The COVID-19 pandemic has taken a terrible human toll, disrupted the global economy, and clouded the outlook with uncertainty. Its impact is widespread, and it has affected both the nature and volume of sustainable investing in surprising ways, as private capital finds new opportunities to make a positive impact on the environment and society.
Despite the turbulence in financial markets, Asia Pacific issuance of Green Social and Sustainability bonds (GSS) has held up in 2020. Green bonds might not be enjoying the rapid growth in issuance that they have enjoyed in recent years, with a small year-to-date decline on 2019. Social and Sustainability bonds however are having a strong year, accounting for around 60 per cent of total issuance in Asia Pacific, compared with 20 per cent last year1.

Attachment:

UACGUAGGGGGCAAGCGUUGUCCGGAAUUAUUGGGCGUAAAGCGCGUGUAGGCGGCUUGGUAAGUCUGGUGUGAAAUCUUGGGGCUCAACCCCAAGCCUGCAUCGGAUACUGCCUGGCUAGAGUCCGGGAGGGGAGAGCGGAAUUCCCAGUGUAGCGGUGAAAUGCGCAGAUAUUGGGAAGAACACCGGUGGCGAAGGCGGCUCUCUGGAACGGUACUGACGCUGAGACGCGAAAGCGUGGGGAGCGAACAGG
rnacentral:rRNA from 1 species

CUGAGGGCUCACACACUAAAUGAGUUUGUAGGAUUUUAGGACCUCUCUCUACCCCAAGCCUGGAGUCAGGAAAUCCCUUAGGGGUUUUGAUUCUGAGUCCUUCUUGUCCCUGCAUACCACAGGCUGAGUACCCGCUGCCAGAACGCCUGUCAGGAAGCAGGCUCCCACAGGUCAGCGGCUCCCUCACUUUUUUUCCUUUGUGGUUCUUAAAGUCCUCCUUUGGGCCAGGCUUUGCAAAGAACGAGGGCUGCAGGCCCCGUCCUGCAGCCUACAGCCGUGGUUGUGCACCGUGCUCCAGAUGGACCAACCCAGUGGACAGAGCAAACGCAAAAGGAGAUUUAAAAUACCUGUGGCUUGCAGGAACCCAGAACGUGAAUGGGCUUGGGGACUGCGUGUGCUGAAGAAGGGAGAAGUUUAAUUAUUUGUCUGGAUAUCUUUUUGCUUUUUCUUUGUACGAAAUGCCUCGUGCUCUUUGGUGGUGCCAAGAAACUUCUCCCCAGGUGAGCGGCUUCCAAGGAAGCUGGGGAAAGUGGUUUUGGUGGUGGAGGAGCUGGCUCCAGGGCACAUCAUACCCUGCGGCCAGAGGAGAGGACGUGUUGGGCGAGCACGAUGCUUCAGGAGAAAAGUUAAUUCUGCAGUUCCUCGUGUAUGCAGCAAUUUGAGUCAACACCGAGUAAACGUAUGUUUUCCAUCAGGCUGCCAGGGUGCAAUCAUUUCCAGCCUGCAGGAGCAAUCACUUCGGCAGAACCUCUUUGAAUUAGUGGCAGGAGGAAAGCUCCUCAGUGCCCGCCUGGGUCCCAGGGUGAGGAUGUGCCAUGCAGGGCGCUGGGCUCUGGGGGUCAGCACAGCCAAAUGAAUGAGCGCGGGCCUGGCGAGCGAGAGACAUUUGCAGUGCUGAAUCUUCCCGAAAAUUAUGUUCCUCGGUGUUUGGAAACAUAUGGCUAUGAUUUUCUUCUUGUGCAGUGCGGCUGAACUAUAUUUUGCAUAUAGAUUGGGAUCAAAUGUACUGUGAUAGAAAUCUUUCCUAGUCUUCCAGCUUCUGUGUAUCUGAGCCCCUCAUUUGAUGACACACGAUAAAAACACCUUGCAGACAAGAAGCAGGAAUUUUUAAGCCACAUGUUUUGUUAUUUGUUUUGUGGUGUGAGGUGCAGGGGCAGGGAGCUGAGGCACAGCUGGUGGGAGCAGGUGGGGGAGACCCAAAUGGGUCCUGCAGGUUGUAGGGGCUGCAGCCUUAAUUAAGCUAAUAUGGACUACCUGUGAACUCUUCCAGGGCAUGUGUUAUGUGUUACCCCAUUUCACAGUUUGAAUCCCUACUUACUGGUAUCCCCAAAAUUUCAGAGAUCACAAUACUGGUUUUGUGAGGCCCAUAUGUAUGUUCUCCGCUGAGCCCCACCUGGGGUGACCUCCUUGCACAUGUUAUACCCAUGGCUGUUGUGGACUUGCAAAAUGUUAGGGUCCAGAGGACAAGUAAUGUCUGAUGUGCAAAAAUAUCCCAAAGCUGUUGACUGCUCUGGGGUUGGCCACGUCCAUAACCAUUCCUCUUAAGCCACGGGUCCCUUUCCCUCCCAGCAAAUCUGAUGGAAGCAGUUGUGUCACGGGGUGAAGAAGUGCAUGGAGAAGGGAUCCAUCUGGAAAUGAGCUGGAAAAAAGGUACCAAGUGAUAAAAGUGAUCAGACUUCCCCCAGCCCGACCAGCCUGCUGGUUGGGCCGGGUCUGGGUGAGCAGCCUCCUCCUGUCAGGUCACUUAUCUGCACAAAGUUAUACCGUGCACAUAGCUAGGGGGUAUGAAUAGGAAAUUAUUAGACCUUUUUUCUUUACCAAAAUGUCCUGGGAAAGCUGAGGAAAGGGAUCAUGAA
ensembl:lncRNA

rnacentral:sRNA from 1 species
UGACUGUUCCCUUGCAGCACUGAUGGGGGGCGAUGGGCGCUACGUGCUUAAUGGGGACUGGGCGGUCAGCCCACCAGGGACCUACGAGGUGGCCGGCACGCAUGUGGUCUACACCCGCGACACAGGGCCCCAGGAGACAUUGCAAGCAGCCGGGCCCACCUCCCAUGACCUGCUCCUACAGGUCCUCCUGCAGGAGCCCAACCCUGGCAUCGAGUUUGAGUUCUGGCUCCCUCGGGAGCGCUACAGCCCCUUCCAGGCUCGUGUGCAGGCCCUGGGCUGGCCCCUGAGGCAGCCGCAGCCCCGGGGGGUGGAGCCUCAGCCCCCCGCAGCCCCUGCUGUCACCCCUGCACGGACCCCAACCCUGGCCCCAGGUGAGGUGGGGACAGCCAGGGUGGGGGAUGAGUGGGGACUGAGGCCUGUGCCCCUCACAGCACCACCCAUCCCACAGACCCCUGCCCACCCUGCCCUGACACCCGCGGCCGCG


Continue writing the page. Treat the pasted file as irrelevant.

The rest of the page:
From an Asia perspective, there are signs that the region’s local currency markets are gaining momentum, as the renminbi and the yen are top two issuance currencies for GSS debt after the euro and US dollar. In terms of tenor, regional issuance remains relatively short, with GSS bonds mostly with a three year or three to five-year tenor.
“All of this points to a positive picture for the GSS market in Asia,” said Luying Gan, Head of Sustainable Bonds, Debt Capital Markets, Asia-Pacific, HSBC, who was speaking as a speaker for a webinar that was part of HSBC’s 2020 Credit Conference. “We believe that it is because investors and issuers are incorporating ESH into both their funding strategy and their investment strategy.